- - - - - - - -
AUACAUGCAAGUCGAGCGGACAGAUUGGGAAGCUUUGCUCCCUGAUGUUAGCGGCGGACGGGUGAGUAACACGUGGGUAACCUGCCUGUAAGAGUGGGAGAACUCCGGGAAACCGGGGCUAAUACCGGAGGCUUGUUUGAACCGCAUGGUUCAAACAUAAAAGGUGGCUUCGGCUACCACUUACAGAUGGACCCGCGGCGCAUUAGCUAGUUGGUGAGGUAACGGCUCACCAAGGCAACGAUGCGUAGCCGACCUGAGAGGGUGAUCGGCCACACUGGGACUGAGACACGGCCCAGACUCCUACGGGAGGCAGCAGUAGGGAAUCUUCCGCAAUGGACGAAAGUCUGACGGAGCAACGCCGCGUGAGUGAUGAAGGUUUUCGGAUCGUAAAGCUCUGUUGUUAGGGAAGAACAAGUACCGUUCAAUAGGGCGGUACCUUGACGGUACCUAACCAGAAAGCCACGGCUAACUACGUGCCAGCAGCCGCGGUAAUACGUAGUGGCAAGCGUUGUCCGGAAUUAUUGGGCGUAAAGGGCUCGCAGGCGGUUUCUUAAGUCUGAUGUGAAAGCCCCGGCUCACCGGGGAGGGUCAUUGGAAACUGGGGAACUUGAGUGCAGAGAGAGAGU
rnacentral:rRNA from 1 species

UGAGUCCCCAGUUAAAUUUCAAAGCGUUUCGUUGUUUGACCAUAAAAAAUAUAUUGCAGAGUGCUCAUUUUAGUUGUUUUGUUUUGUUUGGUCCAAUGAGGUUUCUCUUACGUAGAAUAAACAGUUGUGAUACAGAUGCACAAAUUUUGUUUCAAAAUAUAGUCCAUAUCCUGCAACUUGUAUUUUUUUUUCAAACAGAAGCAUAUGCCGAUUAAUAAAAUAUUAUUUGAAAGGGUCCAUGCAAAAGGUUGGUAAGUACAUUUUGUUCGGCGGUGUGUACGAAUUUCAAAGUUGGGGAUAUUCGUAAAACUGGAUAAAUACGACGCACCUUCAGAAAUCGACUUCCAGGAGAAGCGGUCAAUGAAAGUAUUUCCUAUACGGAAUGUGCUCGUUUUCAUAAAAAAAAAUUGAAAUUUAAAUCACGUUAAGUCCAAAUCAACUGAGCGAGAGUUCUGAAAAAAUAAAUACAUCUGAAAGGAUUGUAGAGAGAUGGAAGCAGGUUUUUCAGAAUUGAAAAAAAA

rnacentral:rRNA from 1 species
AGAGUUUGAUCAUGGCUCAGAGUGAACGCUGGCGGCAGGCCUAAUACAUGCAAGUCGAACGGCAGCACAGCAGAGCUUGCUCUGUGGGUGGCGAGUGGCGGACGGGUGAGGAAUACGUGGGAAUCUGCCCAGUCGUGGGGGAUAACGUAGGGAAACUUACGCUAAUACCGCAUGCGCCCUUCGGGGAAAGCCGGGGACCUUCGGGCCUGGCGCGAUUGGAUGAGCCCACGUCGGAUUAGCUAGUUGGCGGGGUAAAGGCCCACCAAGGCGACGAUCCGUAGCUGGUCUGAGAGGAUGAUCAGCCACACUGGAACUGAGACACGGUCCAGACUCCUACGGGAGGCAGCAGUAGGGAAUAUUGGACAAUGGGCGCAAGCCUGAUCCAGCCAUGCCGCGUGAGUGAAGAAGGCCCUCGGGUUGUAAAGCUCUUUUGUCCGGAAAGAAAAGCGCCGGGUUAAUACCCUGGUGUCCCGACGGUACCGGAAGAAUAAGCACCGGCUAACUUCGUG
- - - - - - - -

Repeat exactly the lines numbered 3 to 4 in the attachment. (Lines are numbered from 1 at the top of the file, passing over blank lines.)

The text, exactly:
UGAGUCCCCAGUUAAAUUUCAAAGCGUUUCGUUGUUUGACCAUAAAAAAUAUAUUGCAGAGUGCUCAUUUUAGUUGUUUUGUUUUGUUUGGUCCAAUGAGGUUUCUCUUACGUAGAAUAAACAGUUGUGAUACAGAUGCACAAAUUUUGUUUCAAAAUAUAGUCCAUAUCCUGCAACUUGUAUUUUUUUUUCAAACAGAAGCAUAUGCCGAUUAAUAAAAUAUUAUUUGAAAGGGUCCAUGCAAAAGGUUGGUAAGUACAUUUUGUUCGGCGGUGUGUACGAAUUUCAAAGUUGGGGAUAUUCGUAAAACUGGAUAAAUACGACGCACCUUCAGAAAUCGACUUCCAGGAGAAGCGGUCAAUGAAAGUAUUUCCUAUACGGAAUGUGCUCGUUUUCAUAAAAAAAAAUUGAAAUUUAAAUCACGUUAAGUCCAAAUCAACUGAGCGAGAGUUCUGAAAAAAUAAAUACAUCUGAAAGGAUUGUAGAGAGAUGGAAGCAGGUUUUUCAGAAUUGAAAAAAAA

rnacentral:rRNA from 1 species